So whatever you wish that others would do to you, do also to them, for this is the Law and the Prophets- Matthew 7:12 ESV
I grew up in a weird kind of a bubble.
My family was poor and we lived in small towns mostly in the Northwest part of the United States (Alaska, Oregon and a short stint in Utah). There were not a whole lot of minorities in the towns I grew-up in. However, if the town we were living in happened to have a minority population there was a pretty decent chance they lived in the same neighborhood we lived in. I don’t recall much, if any real racial tension in those neighborhoods. Being equally poor tends to create a bond between kids regardless of race.
My parents invited all kinds of different people into our home and nothing was ever really made of it. People were just people. I don’t recall either of my parents ever using a racial slur but I do remember one of my brothers using one once. All of us learned fairly quickly that sort of thing just didn’t fly. All-in-all the way my parents handled issues of race was one thing they did really well.
The bubble I grew up in led me to believe that contemporary racism was a myth or at the very least a problem that had been solved with the end of Jim Crow, the dawn of the civil rights movement and programs like affirmative action. Growing up, I knew a few people who said racist things but they were mostly viewed as oddballs and social pariahs. It wasn’t until I moved to the deep south as a young adult that I realized racism is still alive and well in the hearts of some. That said, I also observed that the most racist people I knew tended be part of the older generation. My children had friends from all races and backgrounds and no one thought anything of it. This reality gave me hope that perhaps racism would die off as older people and the attitudes they had been raised with also died off.
Sadly, racism is still very much alive.
In fact, the problem appears to be getting uglier and more toxic by the day. There are reasons for this. Unfortunately, there are still those who refuse to let go of sinful attitudes concerning race. Contributing even more significantly to the problem, are those in the political realm who have learned that division and stoking racism are an effective tool to bring about political change that really has nothing to do with race or fixing the problem of racism.
Christians can’t control what non-Christians do or don’t do, nor should we even try. God will judge the world in due time (1st Corinthians 5:12-13, Revelation 20:12-13). However, we are called to be an example in all things, including social and moral issues like racism (Ephesians 5:1-3, Galatians 3:28, 1st Timothy 4:12). Following are five truths Christians must live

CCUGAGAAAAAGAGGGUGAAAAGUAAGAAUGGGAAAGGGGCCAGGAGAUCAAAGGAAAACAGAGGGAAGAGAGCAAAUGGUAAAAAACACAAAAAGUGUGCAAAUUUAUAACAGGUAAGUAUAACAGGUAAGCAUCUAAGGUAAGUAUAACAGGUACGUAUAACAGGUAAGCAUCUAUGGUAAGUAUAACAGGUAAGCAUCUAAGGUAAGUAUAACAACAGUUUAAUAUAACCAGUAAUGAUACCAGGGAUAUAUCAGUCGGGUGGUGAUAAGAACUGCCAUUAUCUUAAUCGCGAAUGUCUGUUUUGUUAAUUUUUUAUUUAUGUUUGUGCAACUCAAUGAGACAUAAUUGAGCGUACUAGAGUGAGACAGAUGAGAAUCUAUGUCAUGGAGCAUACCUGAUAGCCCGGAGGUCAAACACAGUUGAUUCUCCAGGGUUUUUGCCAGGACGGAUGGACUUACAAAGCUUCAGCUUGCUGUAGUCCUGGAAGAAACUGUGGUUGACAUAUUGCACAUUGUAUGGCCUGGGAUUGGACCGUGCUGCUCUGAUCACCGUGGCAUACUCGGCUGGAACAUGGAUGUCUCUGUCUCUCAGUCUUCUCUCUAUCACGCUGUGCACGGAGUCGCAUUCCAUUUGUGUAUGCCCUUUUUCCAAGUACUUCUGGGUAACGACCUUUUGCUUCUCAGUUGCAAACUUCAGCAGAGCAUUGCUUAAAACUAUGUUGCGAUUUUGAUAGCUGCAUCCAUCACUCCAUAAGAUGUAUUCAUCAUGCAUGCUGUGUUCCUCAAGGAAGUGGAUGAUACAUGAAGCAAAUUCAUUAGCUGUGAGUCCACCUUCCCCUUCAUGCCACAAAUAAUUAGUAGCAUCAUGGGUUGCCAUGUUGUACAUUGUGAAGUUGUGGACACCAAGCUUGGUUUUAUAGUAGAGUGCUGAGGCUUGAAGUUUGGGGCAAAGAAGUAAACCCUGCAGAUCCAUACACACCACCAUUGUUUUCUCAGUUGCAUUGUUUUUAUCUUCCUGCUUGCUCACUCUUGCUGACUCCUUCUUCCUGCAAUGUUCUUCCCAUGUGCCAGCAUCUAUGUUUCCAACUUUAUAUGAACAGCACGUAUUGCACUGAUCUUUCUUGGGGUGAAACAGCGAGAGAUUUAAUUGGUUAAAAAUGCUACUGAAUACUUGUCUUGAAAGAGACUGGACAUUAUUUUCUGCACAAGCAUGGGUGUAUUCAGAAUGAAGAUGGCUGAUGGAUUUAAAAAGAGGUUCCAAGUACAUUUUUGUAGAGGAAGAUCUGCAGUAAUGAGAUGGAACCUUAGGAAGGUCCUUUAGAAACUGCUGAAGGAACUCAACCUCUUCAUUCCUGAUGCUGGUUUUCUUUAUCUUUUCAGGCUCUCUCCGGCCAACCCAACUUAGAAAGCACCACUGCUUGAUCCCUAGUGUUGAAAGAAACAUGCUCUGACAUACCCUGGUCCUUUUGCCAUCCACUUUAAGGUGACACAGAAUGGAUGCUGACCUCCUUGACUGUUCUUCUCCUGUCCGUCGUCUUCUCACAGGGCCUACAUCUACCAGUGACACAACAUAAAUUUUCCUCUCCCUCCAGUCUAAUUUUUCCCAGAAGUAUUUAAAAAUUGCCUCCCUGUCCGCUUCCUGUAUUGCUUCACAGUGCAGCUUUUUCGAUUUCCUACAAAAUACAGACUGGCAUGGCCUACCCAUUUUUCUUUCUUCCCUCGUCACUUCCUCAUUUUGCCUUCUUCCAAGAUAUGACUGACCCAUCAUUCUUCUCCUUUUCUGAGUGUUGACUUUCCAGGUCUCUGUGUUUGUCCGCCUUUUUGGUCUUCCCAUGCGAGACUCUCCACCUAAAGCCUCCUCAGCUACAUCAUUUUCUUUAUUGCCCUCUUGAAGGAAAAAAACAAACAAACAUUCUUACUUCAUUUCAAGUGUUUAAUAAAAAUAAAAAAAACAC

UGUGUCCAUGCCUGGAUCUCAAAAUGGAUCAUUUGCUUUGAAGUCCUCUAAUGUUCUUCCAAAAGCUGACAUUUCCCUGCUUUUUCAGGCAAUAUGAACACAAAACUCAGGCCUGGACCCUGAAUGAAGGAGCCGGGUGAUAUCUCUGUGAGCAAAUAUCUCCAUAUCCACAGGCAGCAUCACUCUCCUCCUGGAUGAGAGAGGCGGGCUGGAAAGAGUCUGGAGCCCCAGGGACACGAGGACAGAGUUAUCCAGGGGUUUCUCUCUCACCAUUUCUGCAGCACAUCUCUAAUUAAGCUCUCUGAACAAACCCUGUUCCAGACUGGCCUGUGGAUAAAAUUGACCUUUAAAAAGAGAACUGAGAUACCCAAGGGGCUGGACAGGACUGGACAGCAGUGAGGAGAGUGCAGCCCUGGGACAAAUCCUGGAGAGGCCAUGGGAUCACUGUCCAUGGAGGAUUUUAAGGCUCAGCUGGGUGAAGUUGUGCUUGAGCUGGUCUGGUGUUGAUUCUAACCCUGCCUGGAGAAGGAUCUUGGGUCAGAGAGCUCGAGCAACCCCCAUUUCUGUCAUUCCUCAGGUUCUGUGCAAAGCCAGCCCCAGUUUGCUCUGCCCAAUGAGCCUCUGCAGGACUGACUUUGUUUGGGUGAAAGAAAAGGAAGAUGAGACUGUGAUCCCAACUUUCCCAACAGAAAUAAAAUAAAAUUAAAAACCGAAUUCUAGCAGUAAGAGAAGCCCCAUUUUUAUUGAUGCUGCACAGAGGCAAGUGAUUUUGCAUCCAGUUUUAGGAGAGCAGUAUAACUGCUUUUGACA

Commit yourself to judging people only on the content of their character-
Okay, so that statement is hardly original. That said, it’s still the only right and just way to judge another human being. Christians must not look at people through a lens of race but as people made in the image of God who have a choice about what they do and how they live. Those who live life well and treat others with respect and dignity deserve admiration. Those who don’t need our prayers. Period.
Understand that violence and hate cannot end violence, hate or injustice-
Martin Luther King Jr. famously said that: Darkness cannot drive out darkness, only light can do that and hate cannot drive out hate only love can do that. The world needs to hear the message that attempting to oppose darkness, hate and racism by using race as a political cudgel or as an excuse to riot and violently protest will only make the world a darker place.
Recognize the truth that the sins of past generations cannot and should not be atoned for by the current generation-
God does not punish children for the sins of their parents, grandparents or great-great grandparents (Ezekiel 18) and neither should anyone else. Some sins cannot be atoned for, they can only be forgiven and learned from. Forcing atonement through reparations for the evil of slavery will do nothing but create new, deeper and even more profound wounds that will lead to even more racism.
Self-evaluation is critical (2nd Corinthians 13:5), especially when it comes to attitudes of the heart. Racism is an attitude of the heart we must check for frequently.
Embrace the reality that the consequences of bad choices are not the same as racism-
When people play stupid games, they win stupid prizes. Running from police or resisting arrest is without question the dumbest game ever. Our generation must embrace the reality that the consequences that result from or resisting arrest or running from the police are not racism. Even if the officer is white and the person running from the police is not. Period.
It’s time for a rebirth of personal responsibility and commonsense in our world, especially where moral and social issues are concerned. The church must lead the way in showing the world the right way to handle the very thorny issue of race.